Renal tubular acidosis is a disorder of the renal tubules characterized by metabolic acidosis with a preserved renal function.
We will briefly discuss the main types of Renal Tubular Acidosis, their clinical presentation and the differences between the various types of RTA.
Briefly about the acid-base homeostasis in the body
The normal body PH is maintained at 7.40 by the various physiological processes. The major organs responsible for maintaining body PH are the Kidneys and the lungs. Acidosis occurs either because of Hydrogen ions retention or the loss of bicarbonate from the body.
When carbon dioxide is not properly removed from the body, Respiratory acidosis occurs. This is manifested by a blood PH of less than 7.40 and partial pressure of carbon dioxide greater than 40 mmHg.
Similarly, when the PH drops to less than 7.40 and the bicarbonate levels also decrease to less than 24 mEq/l, this is metabolic acidosis. Metabolic acidosis can be classified further into two – Metabolic acidosis with a normal anion gap or a high anion gap.
The Anion gap is the difference between unmeasured anions and unmeasured cations in the body. The normal anion gap is 8 to 12 and can be calculated via the formula:
Anion gap = S. Na – (S. Cl + S. HCO3) or S.Na – S.Cl – S. HCO3
Causes of raised anion gap metabolic acidosis (Remember MUDPILES)
- Methanol intoxication
- Diabetic ketoacidosis, alcoholic ketoacidosis, starvation ketoacidosis
- Paraldehyde toxicity
- Lactic acidosis
- Type A: tissue ischemia
- Type B: Altered cellular metabolism
- Ethanol or ethylene glycol intoxication
- Salicylate intoxication
Causes of a normal anion gap metabolic acidosis include (remember USED CAR)
- Saline administration (in the face of renal dysfunction)
- Endocrine (Addisons, spironolactone, triamterene, amiloride, primary hyperparathyroidism)
- Carbonic anhydrase inhibitors
- Ammonium chloride
- Renal tubular acidosis
Renal Tubular Acidosis characterized by a normal anion gap metabolic acidosis:
Coming to RTA or renal tubular acidosis, it is always suspected when there is metabolic acidosis (Low PH and low bicarbonate) and a normal anion gap (Na- cl-bicarbonate).
RTA is a condition in which the GFR is relatively well preserved but because of the defective tubular function, metabolic acidosis develops.
Types of Renal Tubular Acidosis:
- Distal RTA or type 1 RTA (defect in renal hydrogen ion excretion)
- Proximal RTA or type 2 RTA (defect in bicarbonate reabsorption)
- Hypoaldosteronism or type 4 RTA (hypoaldosteronism)
(Type 3 RTA is sometimes labeled when there are features of both type 1 and type 2).
Distal Renal Tubular Acidosis or Type 1 RTA:
Distal RTA is characterized by a defective H+ excretion. This results in an abnormally high urine PH or alkaline urine despite systemic acidosis.
Causes of distal Renal Tubular Acidosis:
- Familial (autosomal dominant or recessive)
- Autoimmune disorders
- Sjögren’s syndrome
- Autoimmune hepatitis/Primary biliary cirrhosis
- Systemic lupus erythematosus
- Rheumatoid arthritis
- Amphotericin B
- Lithium carbonate
- Toluene inhalation
- Autoimmune disorders
Distal Renal tubular acidosis present with a normal anion gap metabolic acidosis and an inappropriately high urine PH (> 5.3).
Patients usually have hypercalciuria as a result of the acidic PH on bones. Both hypercalciuria and hypocitraturia contribute to the development of nephrolithiasis and nephrocalcinosis.
Hypokalemia is frequently seen in patients with proximal and distal RTA. At times it might be so severe that patients present with paralysis and rarely respiratory muscle paralysis.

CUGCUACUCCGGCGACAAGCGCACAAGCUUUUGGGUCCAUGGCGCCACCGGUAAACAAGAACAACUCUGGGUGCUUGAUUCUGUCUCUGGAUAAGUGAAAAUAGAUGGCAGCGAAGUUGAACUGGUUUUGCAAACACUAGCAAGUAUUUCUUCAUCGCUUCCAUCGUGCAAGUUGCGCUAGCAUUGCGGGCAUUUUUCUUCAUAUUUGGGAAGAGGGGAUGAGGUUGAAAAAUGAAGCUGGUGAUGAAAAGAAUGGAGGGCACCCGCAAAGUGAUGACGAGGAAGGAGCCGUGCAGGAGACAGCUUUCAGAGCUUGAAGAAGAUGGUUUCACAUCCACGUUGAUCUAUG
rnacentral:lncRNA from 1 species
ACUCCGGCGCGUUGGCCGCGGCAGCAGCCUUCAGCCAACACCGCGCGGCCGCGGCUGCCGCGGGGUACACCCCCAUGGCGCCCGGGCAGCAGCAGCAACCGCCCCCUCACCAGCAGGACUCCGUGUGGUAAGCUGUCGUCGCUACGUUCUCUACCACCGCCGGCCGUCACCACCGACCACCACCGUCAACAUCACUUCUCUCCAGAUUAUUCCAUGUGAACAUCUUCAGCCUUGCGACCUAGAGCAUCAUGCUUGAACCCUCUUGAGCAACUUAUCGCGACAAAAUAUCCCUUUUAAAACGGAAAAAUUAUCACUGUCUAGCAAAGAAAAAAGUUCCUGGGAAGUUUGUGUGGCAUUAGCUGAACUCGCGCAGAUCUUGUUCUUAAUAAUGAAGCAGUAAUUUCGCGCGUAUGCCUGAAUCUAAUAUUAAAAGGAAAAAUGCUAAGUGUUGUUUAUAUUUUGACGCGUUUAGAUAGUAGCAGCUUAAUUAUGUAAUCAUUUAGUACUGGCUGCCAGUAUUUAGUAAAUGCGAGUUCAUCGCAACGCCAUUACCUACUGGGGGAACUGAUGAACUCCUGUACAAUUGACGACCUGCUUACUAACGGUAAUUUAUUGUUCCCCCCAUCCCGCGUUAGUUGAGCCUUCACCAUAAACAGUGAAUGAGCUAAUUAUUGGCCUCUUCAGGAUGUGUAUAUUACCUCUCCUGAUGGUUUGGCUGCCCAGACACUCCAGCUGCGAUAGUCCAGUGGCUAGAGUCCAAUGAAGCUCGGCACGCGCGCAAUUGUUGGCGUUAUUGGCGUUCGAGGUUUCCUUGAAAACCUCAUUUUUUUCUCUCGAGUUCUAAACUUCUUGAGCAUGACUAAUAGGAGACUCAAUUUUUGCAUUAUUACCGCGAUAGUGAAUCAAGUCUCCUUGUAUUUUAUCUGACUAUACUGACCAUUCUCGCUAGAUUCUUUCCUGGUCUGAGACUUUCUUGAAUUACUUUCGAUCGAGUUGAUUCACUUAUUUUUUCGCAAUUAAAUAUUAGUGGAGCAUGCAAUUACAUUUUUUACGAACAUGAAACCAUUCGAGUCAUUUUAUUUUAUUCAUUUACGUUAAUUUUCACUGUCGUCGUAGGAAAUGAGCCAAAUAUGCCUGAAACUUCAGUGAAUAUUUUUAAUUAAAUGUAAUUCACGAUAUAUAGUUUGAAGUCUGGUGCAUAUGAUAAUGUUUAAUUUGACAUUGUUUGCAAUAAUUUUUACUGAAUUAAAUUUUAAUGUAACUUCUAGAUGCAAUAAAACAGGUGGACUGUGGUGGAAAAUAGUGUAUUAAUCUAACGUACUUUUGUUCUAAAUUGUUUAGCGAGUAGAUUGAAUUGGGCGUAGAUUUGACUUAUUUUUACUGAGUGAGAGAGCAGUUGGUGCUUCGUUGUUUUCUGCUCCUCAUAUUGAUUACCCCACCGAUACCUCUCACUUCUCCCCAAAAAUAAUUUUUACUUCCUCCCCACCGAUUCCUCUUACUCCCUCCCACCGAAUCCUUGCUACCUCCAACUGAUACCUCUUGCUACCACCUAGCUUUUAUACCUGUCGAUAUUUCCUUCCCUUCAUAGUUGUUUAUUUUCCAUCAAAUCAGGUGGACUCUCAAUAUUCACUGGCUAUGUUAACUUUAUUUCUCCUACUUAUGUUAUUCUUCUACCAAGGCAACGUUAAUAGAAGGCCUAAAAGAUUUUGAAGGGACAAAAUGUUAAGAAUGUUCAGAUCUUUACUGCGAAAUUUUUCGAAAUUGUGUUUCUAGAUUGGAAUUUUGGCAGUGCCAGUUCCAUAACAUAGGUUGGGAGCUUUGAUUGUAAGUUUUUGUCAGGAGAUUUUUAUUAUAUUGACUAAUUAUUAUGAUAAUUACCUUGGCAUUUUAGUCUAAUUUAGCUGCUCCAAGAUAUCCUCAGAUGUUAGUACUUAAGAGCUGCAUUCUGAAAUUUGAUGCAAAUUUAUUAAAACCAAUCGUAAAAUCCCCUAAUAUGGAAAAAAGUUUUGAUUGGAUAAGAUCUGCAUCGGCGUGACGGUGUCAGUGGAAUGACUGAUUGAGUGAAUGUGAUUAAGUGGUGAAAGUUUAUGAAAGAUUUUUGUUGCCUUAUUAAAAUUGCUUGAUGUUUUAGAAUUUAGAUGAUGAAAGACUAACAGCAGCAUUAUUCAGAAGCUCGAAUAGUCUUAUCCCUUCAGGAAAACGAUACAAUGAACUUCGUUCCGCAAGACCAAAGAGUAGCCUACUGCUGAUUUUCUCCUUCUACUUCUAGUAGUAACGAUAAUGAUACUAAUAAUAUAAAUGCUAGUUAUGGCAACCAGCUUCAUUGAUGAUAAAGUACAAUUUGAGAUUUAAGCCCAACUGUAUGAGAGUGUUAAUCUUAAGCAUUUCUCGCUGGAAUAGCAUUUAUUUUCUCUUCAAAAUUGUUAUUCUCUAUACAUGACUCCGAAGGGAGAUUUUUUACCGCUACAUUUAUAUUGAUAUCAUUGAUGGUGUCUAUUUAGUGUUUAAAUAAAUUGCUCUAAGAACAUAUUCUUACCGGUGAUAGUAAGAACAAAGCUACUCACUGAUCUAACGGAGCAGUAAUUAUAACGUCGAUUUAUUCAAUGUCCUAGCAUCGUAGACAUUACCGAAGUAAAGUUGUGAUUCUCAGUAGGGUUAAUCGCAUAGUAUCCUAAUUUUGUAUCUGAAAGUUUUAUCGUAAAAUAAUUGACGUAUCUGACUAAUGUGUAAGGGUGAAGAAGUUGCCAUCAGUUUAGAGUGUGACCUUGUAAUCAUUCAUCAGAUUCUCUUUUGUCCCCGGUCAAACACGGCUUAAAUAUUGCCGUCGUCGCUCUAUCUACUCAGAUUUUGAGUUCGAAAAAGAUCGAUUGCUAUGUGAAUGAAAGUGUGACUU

Correction of the acidosis with alkali therapy improves both calcium and potassium balance and prevent stones and nephrocalcinosis.
In contrast to the proximal RTA where a high alkali is required, in distal RTA, alkali therapy is only modestly required
Briefly about proximal Renal Tubular Acidosis:
Proximal RTA may present with an isolated tubular defect or as Fanconi syndrome (generalized tubular dysfunction. Bicarbonate is not reabsorbed and lost in the urine.
In a generalized disorder, bicarbonaturia may be accompanied by glucosuria, aminoaciduria, phosphaturia, uricosuria, and tubular proteinuria.
Causes of proximal RTA
- Idiopathic (sporadic)
- Recessive – proximal tubule cell sodium bicarbonate cotransporter (NBCe1) defect
- Recessive – carbonic anhydrase type 2 deficiency
- Hereditary fructose intolerance
- Glycogen storage disease (type I)
- Wilson’s disease
- Lowe’s syndrome
- Carbonic anhydrase inhibitors – acetazolamide; topiramate
- M-Protein disorders
- Multiple myeloma/ light chain disease
- Heavy metals
- Vitamin D deficiency
- Renal transplantation
- Paroxysmal nocturnal hemoglobinuria
Almost all adult patients with Acquired Proximal Renal Tubular Acidosis require a workup for Monoclonal Gammopathy.
In patients with proximal RTA, urinary PH may vary. When the plasma bicarbonate is 16 mEq/l or greater, bicarbonate will be excreted in the urine and the PH will rise. In patients with plasma bicarbonate less than 16, the urine may be acidic (5.3 or less).
Treatment is with bicarbonate therapy, usually in very high doses.
Type 4 Renal Tubular Acidosis or Hyporeninemic Hypoaldosteronism:
Type 4 RTA is manifested by hyporeninemic hypoaldosteronism. It occurs in patients with CKD and especially diabetic nephropathy and is manifested by normal anion gap metabolic acidosis and hyperkalemia.
|Type||Type 1||Type 2||Type 4|
|Location||Collecting Tubules, distal tubules||Proximal tubules||Adrenal|
|Acidemia||Yes (very severe)||Yes||Mild when present|
|Pathophysiology||Failure of α intercalated cells to secrete H+ and reclaim K+||Failure of proximal tubular cells to reabsorb HCO3−||Deficiency of aldosterone, or a resistance to its effects, (hypoaldosteronism or|